Click here for my next post where I share the best types of snacks and treats for your flock as well as supplements from the garden and commercially available health boosters for ill or compromised chickens.
About the Author: Melissa Caughey is a backyard chicken keeper, beekeeper, gardener, and cook who pens the award winning blog, Tilly’s Nest. She lives on Cape Cod, Massachusetts with her family of four and her Miniature Schnauzer. She regularly writes for HGTV Gardens, Community Chickens, Grit magazine, and contributes to Country Living Magazine. Melissa is currently working on a backyard chicken book with Storey Publishing to be released this upcoming year.
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I like to use the Food Grade Diatomaceous Earth and add it to the soil in their pen. When they go dusting, it works into the feathers and skin and helps with any parasites and mites. Works good too. Whenever I make a salad, I give to my Plymouth Barred Rock’s the leftover scraps like the peelings from the cucumber, scraps of lettuce and small pieces of tomatoes.
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Great information but I have found that some hens will JUST NOT eat oyster shell!!!!! No matter what, they just refuse. So, the only thing that works for them is just crushed clean dried egg shells. Much cheaper as well. Enjoy your posts.
We want omega-3 eggs, so are interested in adding flax seed to their feed ration. What ratio should we be aiming for?
I add calcium to the waterer by crushing clean eggshells and putting them in the toe of a new knee-hi stocking, forming a 2 inch ball. Tie 2 knots and cut it between. I get 3 balls per knee-hi. Throw it in the waterer and it lasts about a month. I massage and rinse the ball when cleaning the waterer(and the shells get thicker)
Great information. I use Apple Cider vinegar with my quail as well. I checked out your site because I decide this year to add chickens to my small urban farm.
I always find your posts so informative. Thanks so much for sharing your knowledge about chickens. I have used many of the things you mentioned her, except garlic. I might just try to incorporate a bit of garlic in my chickens feed starting this week.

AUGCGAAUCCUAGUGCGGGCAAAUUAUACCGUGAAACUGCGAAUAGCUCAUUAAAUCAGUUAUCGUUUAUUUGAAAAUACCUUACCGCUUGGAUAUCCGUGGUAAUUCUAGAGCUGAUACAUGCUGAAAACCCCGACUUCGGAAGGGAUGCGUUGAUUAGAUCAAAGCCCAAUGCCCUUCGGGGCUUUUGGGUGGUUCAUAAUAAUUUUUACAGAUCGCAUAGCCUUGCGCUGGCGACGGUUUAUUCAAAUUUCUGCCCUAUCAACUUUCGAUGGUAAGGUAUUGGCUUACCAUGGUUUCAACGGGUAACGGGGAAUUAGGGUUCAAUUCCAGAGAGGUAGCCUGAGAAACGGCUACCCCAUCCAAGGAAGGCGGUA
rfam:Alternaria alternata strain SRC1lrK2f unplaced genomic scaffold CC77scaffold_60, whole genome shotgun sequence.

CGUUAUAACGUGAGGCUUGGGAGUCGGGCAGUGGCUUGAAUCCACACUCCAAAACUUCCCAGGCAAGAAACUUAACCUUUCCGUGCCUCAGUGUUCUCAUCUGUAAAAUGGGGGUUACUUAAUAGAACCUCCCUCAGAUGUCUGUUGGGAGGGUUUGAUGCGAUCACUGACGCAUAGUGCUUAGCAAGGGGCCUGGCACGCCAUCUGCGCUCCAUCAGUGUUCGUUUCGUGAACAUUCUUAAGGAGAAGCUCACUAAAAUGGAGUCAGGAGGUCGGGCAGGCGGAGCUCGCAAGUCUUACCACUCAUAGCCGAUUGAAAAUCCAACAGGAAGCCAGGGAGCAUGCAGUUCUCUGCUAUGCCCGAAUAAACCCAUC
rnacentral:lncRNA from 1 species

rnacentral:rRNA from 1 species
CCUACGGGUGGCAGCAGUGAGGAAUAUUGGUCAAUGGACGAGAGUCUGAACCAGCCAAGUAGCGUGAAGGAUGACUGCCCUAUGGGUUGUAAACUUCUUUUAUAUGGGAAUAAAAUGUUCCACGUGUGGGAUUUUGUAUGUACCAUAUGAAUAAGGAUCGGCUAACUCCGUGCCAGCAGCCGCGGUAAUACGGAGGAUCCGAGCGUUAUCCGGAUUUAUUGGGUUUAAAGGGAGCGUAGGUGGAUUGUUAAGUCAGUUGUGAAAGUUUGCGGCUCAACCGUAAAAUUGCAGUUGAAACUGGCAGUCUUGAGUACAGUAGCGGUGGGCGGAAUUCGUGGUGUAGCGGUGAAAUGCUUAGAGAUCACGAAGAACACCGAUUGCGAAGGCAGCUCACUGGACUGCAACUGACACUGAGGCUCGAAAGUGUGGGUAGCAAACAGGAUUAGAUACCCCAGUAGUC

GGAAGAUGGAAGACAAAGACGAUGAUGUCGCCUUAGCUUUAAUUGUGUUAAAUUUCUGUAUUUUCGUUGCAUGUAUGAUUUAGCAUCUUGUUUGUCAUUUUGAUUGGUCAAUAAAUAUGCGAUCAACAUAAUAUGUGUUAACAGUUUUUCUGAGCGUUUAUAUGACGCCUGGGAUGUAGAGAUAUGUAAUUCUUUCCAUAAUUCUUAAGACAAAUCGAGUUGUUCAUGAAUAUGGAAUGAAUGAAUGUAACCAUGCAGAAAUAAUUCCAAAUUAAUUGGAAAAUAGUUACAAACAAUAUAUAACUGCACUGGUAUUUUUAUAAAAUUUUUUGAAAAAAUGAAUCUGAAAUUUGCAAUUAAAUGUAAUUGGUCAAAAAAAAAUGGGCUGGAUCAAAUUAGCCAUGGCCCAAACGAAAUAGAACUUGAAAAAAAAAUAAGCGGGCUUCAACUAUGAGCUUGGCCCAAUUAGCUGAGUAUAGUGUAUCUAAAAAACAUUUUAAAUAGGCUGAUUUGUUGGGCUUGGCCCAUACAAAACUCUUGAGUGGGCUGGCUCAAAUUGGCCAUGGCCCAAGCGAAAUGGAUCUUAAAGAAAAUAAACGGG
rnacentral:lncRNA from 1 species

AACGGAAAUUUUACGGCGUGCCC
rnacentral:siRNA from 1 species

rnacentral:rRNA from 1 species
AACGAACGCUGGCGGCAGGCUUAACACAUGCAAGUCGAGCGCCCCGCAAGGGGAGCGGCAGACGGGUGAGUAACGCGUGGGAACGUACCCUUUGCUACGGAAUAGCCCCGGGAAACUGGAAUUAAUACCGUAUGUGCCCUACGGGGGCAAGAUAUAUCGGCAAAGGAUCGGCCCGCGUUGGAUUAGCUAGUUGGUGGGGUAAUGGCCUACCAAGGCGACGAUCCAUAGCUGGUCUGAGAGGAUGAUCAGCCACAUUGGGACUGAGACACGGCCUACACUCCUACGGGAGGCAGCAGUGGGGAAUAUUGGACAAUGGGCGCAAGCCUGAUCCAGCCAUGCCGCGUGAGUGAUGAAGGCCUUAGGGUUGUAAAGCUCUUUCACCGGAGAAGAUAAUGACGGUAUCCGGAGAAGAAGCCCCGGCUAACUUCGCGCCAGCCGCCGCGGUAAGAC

We have a chicken that lays a broken open, leathery egg…is it because she is lacking calcium?
It certainly could be.
To anonymous – wherever you buy your feed should also carry packaged grit. I get mine from Tractor Supply
Where can I get grit from?
Grit is available at most feed stores, Tractor Supply and online as well.
I just read another article about heat stress that said add APV to the water. In this article she says she doesn’t add APV when adding homemade electrolytes. Is it bad to do both at the same time? Thanks
I always have more than one waterer from my flock. I keep ACV in both. When I do add vitamins and electrolytes to the water, I only do it to one of the waterers and I omit the ACV. This is my own personal practice that works for me.
I have 2 waterers also but one is a small trough outside for them to have easier access while free ranging. The outside one I change everyday but the one in the coop I change every few days. Should I just rotate ACV and electrolytes on the inside waterer? I really don’t want to add anything to the outside one.
It sounds like that might just work. I say give it a try.
We recently began growing our own Milk Kefir for our own health. The kefir grains multiply quickly. We threw about 1/2 a cup of excess grains to the chickens and they went crazy for them. You would have thought we had thrown grub worms out there. Anyway, kefir has way more probiotics than yogurt and if you like kefir your chickens will gladly eat all the excess grains that you can’t use.
Wonderful! Thank you for sharing this. I love learning about new things 🙂
You say to add a tablespoon of apple cider vinegar to the water, but do not say if it is a one gallon, five gallon or seven gallon waterer…what proportions do you recommend?
One tablespoon per gallon
Thanks, Andrew is right. 1 tablespoon per gallon.
Where do you find probiotic powder for chickens?
I love Merricks Blue Ribbon Poultry Pack. It has vitamins, electrolytes and also probiotics. http://www.merricks.com/ProductDetail.aspx?id=58
Make your own by soaking their feed in water and add some apple cider vinegar (a little goes a long way) or kombucha or kefir. There are posts about this elsewhere, search around! This makes a probiotic fermented feed that they love and they get some probiotics naturally.
Animal Health Solutions Inc. makes probiotics specific for all types of animals.
They make two that are specific for all types of foul.
Chick Boost, which is a Probiotic, Vitamin and Electrolyte product that you can mix in the water, or sprinkle on the feed.
Egg Boost, which is a Probiotic, Vitamin, Electroyte, and digestive enzyme product that mixes in water or on the feed.
True probiotics are proven to boost the animals immune system and push out non desirable bacteria.
If you live in the west most feed stores carry the product or check them out at animalhealthsolutionsinc.com